Anyway, this wasn't about acceptable quality, this was about getting the best tasting and healthy water possible. Remember, the government allows for a certain amount of carcinogens to be present in tap water and still be considered safe. So when someone asks is it safe, you need to consider by what standard.



Californians all Americans, rather should be rightfully concerned with the quality of drinking water coming from their taps. For many years, there has been the public perception that LA tap water is unfit for drinking. Many Angelinos believed the water coming from their taps was nasty, unsafe, and to avoid drinking it at all costs.

In recent years, a total of ten contaminants have been found in LA tap water sourced from the California State Polytechnical University utility.

Once again, the majority are known carcinogenics, with the exception of chlorate.
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Old 08-12-19, 11:05 PM
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Originally Posted by KraneXL View Post
Remember, the government allows for a certain amount of carcinogens to be present in tap water and still be considered safe.
To put this into perspective: sunshine is a carcinogen, and pretty much everybody considers having a picnic on a nice day to be safe.
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Old 08-13-19, 03:46 AM
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I've been drinking my tap water here for 36 years and I'm normally messed up.
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Old 08-13-19, 05:11 AM
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I have well water. I run it through a 50 micron whole house filter and an undersink 1-5 micron to reduce silt and floaties. Been drinking it for decades.

Last edited by u235; 08-13-19 at 05:16 AM.
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Old 08-13-19, 05:14 AM
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Haven't found the need to filter the well water here. It definitely tastes better than city water.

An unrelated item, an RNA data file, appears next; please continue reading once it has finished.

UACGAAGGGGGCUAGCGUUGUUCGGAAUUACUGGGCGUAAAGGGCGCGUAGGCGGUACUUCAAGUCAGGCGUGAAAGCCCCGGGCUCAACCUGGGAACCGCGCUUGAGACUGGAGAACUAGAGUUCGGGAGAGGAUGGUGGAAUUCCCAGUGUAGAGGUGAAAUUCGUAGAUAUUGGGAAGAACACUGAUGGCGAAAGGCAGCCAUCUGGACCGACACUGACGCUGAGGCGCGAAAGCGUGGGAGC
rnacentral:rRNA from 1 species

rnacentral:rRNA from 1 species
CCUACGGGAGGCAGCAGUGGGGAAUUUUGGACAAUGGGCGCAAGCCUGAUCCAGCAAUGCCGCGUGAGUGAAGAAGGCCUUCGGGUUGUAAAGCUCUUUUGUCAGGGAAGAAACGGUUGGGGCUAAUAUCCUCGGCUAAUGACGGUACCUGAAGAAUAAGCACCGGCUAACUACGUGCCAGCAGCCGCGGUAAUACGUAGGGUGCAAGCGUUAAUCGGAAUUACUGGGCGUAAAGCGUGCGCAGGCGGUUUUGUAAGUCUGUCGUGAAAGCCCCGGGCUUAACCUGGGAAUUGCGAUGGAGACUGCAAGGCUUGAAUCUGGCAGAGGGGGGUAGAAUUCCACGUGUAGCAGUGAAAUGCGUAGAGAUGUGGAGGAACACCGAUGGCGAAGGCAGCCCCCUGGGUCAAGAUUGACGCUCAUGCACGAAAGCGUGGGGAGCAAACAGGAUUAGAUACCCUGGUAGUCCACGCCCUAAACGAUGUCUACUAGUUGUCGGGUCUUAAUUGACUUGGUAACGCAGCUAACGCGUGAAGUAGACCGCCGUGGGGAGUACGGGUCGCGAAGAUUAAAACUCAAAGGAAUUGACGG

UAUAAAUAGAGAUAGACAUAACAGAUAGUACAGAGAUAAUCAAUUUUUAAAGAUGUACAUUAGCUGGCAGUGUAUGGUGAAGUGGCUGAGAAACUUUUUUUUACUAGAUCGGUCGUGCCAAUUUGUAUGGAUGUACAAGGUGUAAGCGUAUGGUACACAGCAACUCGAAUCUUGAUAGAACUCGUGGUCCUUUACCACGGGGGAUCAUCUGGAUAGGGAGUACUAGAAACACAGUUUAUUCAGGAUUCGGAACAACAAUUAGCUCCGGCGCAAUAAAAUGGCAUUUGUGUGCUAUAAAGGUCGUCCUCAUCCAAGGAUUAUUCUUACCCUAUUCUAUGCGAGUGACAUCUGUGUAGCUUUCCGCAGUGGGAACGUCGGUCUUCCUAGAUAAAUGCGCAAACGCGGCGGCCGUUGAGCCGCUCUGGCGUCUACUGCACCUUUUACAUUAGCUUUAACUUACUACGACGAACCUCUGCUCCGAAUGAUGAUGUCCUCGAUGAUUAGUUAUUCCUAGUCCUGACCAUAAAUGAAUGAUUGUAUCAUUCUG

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Old 08-13-19, 07:26 AM
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You can make your filter with sand, gravel, etc. and design it more specifically for whatever is in your water.
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Old 08-13-19, 07:38 AM
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My apologies if I sounded too critical. I filter my tap water myself yet my filter system has an additional cartridge on the end that remineralises the water post RO (reverse osmosis) filtration. I was just making the point that REALLY clean water isn't quite as good as it seems and its not recommended to drink straight RO water.
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Old 08-13-19, 07:55 AM
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Pure as the driven slush.
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Old 08-13-19, 10:19 AM
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I wouldn't know. I drink only distilled water, or rainwater, and only pure-grain alcohol.
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Old 08-13-19, 06:52 PM
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Originally Posted by KraneXL View Post
Do you think that 130 I measured in my tap water were added mineral good for you? If you has a choice between to 130 before or 000 after it was filtered which would you choose? No answer necessary, just think about it.

Anyway, this wasn't about acceptable quality, this was about getting the best tasting and healthy water possible. Remember, the government allows for a certain amount of carcinogens to be present in tap water and still be considered safe. So when someone asks is it safe, you need to consider by what standard.



Californians all Americans, rather should be rightfully concerned with the quality of drinking water coming from their taps. For many years, there has been the public perception that LA tap water is unfit for drinking. Many Angelinos believed the water coming from their taps was nasty, unsafe, and to avoid drinking it at all costs.

In recent years, a total of ten contaminants have been found in LA tap water sourced from the California State Polytechnical University utility.

Once again, the majority are known carcinogenics, with the exception of chlorate.
Not sure whats in the test kit they gave you, but I'd guess its measuring 'water hardness', which is primarily calcium and magnesium ions. Hardness will effect water's taste quality, but its considered a subjective parameter than a health threat parameter.

And the statement about ten contaminates in LA Tap water - it says 'sourced from California Poly Technical University. There are two Cal-Poly universities, one in Pomona (30 miles from Los Angeles) and the other in San Luis Obispo (100 miles away). That alone should trigger a 'bogus' claim on this product.

And the 'Known carcinogens' - yep, probably are some, but they are well below the drinking water standards. Please realize that chemical analysis machinery is always becoming more and more accurate, able to detect smaller and smaller amounts of just about anything, and some companies use any detection as a scare-tactic level in their marketing.